Stanage: Making Memories

The calming gentle rustle of surrounding trees is interrupted; reassuring calls of encouragement, the chink of cams chattering together echo down the valley. The day had been mild and as the sun retreats behind the rolling hills of the Peak District the temperature dips, just enough to warrant putting on another layer. The sunset seemed to last a lifetime, casting magical shades of gold and light browns creating a sepia sort of tone, transforming and bringing the cold notes of the fragile gritstone to life. As the towering formations of rock bask in the dying light the never ending edge is in its prime, as if it is blessed from the heavens. 

There's nothing greater than the overwhelming beauty of a place like this. It sits you down and forces you to appreciate the world we live in. The sensation of inspiration as we attempt to take in what is in front of us is a moment of magic. A moment that is so unique and that only someone who has truly experienced it themselves can relate to. 

The iconic Stanage edge is home to some of the country's—if not the world's—best climbing, combining quantity with great quality. People from around the globe will recognise the classic appearance of the three and a half mile long edge, easily identifying classic lines such as Careless Torque, Ulysses’ Bow and The Ace that helped shape early British bouldering.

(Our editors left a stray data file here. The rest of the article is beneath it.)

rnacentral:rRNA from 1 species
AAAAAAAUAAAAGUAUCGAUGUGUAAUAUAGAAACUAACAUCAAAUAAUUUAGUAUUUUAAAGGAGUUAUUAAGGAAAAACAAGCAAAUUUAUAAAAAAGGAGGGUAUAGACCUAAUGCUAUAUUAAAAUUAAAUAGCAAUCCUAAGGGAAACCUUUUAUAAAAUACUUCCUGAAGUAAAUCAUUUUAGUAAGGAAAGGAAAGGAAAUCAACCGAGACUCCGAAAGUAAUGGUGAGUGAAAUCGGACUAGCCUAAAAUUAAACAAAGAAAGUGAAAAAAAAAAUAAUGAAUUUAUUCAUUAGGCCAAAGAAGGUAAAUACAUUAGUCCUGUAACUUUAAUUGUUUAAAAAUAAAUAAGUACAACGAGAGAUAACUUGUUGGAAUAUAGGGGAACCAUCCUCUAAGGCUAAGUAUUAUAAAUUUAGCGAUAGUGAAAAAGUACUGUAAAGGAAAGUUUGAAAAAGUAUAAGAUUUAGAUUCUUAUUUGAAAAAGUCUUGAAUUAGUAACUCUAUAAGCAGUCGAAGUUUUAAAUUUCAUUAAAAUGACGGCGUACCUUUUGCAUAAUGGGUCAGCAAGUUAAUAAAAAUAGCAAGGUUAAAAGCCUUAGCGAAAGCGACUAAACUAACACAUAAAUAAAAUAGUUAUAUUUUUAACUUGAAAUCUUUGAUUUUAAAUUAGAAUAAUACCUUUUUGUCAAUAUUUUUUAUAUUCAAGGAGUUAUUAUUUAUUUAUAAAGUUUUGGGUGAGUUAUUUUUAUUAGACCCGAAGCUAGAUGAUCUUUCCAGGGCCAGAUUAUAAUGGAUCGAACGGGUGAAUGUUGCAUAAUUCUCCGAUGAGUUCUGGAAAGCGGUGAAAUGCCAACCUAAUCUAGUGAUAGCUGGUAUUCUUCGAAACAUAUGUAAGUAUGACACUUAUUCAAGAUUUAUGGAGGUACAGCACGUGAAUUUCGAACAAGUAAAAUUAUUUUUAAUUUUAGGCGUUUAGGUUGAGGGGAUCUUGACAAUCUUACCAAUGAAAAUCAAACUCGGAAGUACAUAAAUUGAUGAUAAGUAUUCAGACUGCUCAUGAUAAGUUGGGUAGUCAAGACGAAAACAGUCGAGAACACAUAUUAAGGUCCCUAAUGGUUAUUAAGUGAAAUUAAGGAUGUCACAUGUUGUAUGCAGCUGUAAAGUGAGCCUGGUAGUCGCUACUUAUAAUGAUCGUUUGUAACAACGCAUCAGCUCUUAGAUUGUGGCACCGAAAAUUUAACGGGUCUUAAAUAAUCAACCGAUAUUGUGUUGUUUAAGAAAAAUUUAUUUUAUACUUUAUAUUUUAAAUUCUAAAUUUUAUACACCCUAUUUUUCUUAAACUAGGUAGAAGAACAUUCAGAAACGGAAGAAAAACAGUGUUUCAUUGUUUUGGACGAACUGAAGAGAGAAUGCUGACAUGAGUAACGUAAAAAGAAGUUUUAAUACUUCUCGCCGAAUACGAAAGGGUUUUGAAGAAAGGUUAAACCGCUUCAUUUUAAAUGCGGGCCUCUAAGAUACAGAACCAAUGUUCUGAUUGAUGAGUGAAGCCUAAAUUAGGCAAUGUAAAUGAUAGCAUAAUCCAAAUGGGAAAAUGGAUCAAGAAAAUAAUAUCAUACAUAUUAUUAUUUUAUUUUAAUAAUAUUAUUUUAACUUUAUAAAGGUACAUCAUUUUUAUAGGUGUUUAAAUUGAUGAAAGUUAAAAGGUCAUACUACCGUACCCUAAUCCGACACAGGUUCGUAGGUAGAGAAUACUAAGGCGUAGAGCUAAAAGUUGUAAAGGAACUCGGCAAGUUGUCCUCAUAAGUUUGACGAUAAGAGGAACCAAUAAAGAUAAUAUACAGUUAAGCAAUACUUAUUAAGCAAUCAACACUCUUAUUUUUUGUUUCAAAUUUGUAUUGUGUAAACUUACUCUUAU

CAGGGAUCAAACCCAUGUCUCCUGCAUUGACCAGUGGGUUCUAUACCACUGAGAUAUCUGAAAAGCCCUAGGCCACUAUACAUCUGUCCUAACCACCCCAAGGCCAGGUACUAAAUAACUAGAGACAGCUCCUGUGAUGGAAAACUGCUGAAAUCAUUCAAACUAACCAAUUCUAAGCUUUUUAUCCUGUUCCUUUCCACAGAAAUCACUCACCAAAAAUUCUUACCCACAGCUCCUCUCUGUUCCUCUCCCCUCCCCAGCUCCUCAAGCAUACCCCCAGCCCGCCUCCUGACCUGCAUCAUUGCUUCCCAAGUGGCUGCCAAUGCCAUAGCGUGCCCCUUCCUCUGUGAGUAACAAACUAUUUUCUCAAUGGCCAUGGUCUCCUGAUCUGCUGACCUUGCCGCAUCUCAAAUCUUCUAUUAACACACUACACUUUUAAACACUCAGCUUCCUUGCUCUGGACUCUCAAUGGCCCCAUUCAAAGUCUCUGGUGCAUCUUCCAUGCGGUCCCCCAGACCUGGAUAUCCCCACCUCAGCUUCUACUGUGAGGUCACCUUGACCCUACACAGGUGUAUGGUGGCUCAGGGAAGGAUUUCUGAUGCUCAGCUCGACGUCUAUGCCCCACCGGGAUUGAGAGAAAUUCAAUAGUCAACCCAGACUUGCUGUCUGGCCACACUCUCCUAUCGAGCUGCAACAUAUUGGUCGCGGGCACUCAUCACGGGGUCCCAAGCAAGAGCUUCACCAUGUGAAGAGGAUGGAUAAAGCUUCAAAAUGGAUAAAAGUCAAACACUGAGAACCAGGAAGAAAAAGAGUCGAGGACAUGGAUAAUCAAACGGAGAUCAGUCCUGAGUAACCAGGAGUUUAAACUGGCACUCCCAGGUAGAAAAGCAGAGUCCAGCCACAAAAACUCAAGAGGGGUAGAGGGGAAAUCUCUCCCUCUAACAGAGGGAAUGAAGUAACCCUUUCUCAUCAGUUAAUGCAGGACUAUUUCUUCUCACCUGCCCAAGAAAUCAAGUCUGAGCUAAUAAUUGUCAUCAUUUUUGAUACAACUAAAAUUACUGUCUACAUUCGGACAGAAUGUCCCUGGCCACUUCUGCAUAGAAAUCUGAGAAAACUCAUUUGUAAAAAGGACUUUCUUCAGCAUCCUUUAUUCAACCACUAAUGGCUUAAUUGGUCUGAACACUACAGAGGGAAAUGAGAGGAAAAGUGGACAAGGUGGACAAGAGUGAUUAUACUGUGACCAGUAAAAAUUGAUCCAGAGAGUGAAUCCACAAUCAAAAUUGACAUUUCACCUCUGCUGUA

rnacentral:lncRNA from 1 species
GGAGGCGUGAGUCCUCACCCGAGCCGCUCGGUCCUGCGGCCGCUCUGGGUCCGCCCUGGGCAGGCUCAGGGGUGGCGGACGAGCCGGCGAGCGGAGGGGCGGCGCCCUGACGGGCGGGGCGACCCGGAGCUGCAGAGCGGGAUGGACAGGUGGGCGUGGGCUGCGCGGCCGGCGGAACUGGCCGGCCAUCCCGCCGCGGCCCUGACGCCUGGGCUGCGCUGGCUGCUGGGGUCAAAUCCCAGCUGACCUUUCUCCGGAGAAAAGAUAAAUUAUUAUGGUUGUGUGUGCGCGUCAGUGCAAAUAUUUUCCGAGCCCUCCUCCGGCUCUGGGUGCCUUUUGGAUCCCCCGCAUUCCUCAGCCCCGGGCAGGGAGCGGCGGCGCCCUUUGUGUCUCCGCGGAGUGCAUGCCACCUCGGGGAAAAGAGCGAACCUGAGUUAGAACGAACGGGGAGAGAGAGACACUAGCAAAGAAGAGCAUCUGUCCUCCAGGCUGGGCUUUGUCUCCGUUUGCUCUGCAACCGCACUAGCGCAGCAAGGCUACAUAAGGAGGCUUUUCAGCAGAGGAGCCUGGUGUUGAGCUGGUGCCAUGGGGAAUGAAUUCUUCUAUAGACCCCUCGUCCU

Stanage has such a deep history that through the years has been added to and added to, inspiring many to partake in the sport. It creates a humbling experience, a haven where like-minded climbers are able to get together and share such special experiences. For me, it's a place to get lost in the history and other peoples stories and tales of past times, creating an imaginative wonderland where our minds are free to roam and explore.

Such a personal encounter can be experienced differently depending on who you are or the particular mindset you are in. Photographs are a perfect way to share the psychological impact the environment can have on the overall experience and can be used as a tool to paint a picture or tell the story of you time spent there. This is something I try to portray, aiming to share my stories through images giving a real insight into how it really feels to be in that particular place at that particular time. 

Climber, photographer and creator from Northern England